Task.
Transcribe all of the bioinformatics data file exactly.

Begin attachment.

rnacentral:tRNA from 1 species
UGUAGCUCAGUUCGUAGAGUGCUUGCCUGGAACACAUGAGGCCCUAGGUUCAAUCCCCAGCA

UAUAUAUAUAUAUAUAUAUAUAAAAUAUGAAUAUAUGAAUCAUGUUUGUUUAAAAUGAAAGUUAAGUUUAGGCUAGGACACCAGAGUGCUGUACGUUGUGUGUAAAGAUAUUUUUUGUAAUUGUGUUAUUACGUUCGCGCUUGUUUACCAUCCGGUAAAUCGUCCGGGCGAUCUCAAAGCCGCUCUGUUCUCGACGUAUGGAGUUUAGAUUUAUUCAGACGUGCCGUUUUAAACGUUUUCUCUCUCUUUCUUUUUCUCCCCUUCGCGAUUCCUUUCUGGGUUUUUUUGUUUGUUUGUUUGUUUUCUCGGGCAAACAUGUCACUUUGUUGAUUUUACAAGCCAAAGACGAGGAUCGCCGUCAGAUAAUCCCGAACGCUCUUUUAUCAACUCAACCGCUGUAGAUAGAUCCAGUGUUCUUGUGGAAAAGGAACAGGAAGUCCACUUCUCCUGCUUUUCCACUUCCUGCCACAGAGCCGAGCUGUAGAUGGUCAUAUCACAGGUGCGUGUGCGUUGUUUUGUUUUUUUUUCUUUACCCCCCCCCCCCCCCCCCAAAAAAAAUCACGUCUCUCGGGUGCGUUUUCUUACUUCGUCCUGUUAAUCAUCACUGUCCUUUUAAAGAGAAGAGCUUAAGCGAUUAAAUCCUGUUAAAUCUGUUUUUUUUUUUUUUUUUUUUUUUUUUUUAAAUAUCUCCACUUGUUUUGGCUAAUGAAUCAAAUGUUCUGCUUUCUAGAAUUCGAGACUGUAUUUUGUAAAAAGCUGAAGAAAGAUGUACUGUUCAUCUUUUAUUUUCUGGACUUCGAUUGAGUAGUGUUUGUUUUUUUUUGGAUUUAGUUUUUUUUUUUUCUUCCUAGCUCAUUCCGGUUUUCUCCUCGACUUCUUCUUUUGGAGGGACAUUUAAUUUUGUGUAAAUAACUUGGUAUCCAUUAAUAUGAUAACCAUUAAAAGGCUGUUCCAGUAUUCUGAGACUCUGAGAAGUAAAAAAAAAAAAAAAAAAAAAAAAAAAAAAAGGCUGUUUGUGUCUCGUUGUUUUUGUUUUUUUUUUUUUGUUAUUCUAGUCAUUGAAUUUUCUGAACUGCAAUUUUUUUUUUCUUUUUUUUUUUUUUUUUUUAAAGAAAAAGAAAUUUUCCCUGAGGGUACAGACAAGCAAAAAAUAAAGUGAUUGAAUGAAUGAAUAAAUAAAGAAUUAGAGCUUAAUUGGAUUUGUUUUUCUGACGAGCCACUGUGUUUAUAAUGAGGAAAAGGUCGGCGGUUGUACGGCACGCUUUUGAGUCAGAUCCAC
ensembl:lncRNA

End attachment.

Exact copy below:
rnacentral:tRNA from 1 species
UGUAGCUCAGUUCGUAGAGUGCUUGCCUGGAACACAUGAGGCCCUAGGUUCAAUCCCCAGCA

UAUAUAUAUAUAUAUAUAUAUAAAAUAUGAAUAUAUGAAUCAUGUUUGUUUAAAAUGAAAGUUAAGUUUAGGCUAGGACACCAGAGUGCUGUACGUUGUGUGUAAAGAUAUUUUUUGUAAUUGUGUUAUUACGUUCGCGCUUGUUUACCAUCCGGUAAAUCGUCCGGGCGAUCUCAAAGCCGCUCUGUUCUCGACGUAUGGAGUUUAGAUUUAUUCAGACGUGCCGUUUUAAACGUUUUCUCUCUCUUUCUUUUUCUCCCCUUCGCGAUUCCUUUCUGGGUUUUUUUGUUUGUUUGUUUGUUUUCUCGGGCAAACAUGUCACUUUGUUGAUUUUACAAGCCAAAGACGAGGAUCGCCGUCAGAUAAUCCCGAACGCUCUUUUAUCAACUCAACCGCUGUAGAUAGAUCCAGUGUUCUUGUGGAAAAGGAACAGGAAGUCCACUUCUCCUGCUUUUCCACUUCCUGCCACAGAGCCGAGCUGUAGAUGGUCAUAUCACAGGUGCGUGUGCGUUGUUUUGUUUUUUUUUCUUUACCCCCCCCCCCCCCCCCCAAAAAAAAUCACGUCUCUCGGGUGCGUUUUCUUACUUCGUCCUGUUAAUCAUCACUGUCCUUUUAAAGAGAAGAGCUUAAGCGAUUAAAUCCUGUUAAAUCUGUUUUUUUUUUUUUUUUUUUUUUUUUUUUAAAUAUCUCCACUUGUUUUGGCUAAUGAAUCAAAUGUUCUGCUUUCUAGAAUUCGAGACUGUAUUUUGUAAAAAGCUGAAGAAAGAUGUACUGUUCAUCUUUUAUUUUCUGGACUUCGAUUGAGUAGUGUUUGUUUUUUUUUGGAUUUAGUUUUUUUUUUUUCUUCCUAGCUCAUUCCGGUUUUCUCCUCGACUUCUUCUUUUGGAGGGACAUUUAAUUUUGUGUAAAUAACUUGGUAUCCAUUAAUAUGAUAACCAUUAAAAGGCUGUUCCAGUAUUCUGAGACUCUGAGAAGUAAAAAAAAAAAAAAAAAAAAAAAAAAAAAAAGGCUGUUUGUGUCUCGUUGUUUUUGUUUUUUUUUUUUUGUUAUUCUAGUCAUUGAAUUUUCUGAACUGCAAUUUUUUUUUUCUUUUUUUUUUUUUUUUUUUAAAGAAAAAGAAAUUUUCCCUGAGGGUACAGACAAGCAAAAAAUAAAGUGAUUGAAUGAAUGAAUAAAUAAAGAAUUAGAGCUUAAUUGGAUUUGUUUUUCUGACGAGCCACUGUGUUUAUAAUGAGGAAAAGGUCGGCGGUUGUACGGCACGCUUUUGAGUCAGAUCCAC
ensembl:lncRNA